Sunday, September 19, 2004


The sounds of the city.

On Sunday mornings I come to the office early to pursue my novel and my memoirs - that being only time that I can expect to get anything done on anything that might actually financially benefit me.

But even then the lure of downtown comes creeping into my office. And, inevitably, the sounds of the city slink into my consciousness - and slowly seduce me away from my work. Leaving my office door open, I hear the sounds of Spring Street though the windows of the vacant offices down the hall and I listen to a lone trumpet player sweetly playing Moon River with a sad, unusually melancholic lilt.

Now whether that is the musician's heartfelt response to this particular song or his own personal feelings as he discovers that the mere handful of pedestrians that pass him by are unlikely to be able to afford to fill his awaiting, upturned hat on the sidewalk, I do not know. I only wish I could afford to pay him to remain there the remainder of the day so I could continue to enjoy his playing.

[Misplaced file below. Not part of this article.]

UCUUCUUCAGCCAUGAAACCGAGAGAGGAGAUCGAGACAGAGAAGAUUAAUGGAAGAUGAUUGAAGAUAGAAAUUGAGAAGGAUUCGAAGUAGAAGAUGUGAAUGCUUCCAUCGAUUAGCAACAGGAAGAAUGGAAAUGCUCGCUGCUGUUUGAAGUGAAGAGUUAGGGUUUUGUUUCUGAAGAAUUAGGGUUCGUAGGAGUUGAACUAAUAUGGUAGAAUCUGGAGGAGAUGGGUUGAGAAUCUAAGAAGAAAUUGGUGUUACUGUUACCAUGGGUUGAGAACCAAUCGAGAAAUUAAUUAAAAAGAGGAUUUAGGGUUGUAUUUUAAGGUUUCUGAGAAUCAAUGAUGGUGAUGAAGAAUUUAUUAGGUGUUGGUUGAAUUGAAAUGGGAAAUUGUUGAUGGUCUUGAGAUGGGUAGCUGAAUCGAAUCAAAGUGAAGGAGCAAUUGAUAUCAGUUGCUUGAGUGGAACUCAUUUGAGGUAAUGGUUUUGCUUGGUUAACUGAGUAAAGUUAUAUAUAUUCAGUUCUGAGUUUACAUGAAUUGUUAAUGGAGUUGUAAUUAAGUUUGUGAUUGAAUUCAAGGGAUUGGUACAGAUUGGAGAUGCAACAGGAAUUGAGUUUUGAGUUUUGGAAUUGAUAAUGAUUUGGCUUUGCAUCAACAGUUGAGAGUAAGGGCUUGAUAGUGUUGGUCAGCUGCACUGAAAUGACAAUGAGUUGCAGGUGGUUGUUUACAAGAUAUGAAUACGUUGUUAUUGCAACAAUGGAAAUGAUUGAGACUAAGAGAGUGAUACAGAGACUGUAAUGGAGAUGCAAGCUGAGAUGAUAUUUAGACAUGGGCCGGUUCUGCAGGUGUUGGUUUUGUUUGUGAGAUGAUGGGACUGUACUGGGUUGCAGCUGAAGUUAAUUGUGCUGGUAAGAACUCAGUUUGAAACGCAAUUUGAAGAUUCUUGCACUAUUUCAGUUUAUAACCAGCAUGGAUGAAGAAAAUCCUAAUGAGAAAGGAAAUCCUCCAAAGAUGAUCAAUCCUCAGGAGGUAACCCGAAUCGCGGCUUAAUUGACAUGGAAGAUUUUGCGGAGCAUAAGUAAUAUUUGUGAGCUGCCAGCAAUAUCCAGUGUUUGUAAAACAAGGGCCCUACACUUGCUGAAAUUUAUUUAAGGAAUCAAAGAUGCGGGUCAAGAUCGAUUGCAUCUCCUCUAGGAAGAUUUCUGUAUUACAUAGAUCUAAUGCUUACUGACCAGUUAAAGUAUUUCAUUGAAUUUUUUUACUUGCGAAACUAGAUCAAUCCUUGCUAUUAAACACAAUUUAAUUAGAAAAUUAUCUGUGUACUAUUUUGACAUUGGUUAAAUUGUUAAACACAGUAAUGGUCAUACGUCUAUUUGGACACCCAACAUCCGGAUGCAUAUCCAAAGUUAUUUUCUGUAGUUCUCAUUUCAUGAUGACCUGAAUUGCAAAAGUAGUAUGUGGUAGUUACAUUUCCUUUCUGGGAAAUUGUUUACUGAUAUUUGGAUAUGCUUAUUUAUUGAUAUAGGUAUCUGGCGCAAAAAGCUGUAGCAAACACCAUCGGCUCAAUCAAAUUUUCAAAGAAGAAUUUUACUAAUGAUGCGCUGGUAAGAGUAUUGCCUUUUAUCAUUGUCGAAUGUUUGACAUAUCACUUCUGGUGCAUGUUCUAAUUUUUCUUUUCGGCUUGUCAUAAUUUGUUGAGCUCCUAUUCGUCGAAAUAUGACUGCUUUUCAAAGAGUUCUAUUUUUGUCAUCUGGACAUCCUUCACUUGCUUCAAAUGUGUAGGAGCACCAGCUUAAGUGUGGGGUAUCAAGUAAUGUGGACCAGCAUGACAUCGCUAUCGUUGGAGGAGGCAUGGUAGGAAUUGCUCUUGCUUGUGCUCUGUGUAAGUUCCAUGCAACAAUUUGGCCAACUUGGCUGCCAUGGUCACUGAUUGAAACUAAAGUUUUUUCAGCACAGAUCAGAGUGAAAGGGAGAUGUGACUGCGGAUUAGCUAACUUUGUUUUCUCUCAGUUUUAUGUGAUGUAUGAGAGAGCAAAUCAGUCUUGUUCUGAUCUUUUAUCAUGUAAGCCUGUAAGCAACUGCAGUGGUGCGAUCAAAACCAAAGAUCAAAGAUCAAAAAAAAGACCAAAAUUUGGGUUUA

Then, though the opened windows that face my building's courtyard, I can hear the sporadic enthusiasm of a power drill - the patron tool of all artists - busily working screws into studs and drywall for an art space (Kristi Engel Gallery) in the adjoining suite that will shortly become yet another contributor to Gallery Row.

But I can also hear the monotone sound of the sewing machine of the young fashion designer across the air well, the muted sound of a score for an Indy film being mixed next to her and the playbacks from a recording studio across the hall from them both.

And I find myself thinking more and more about all that is surrounding me rather than paying attention to my word smithing of the never-ending travails of Jed Matthews. in The Long Rider.

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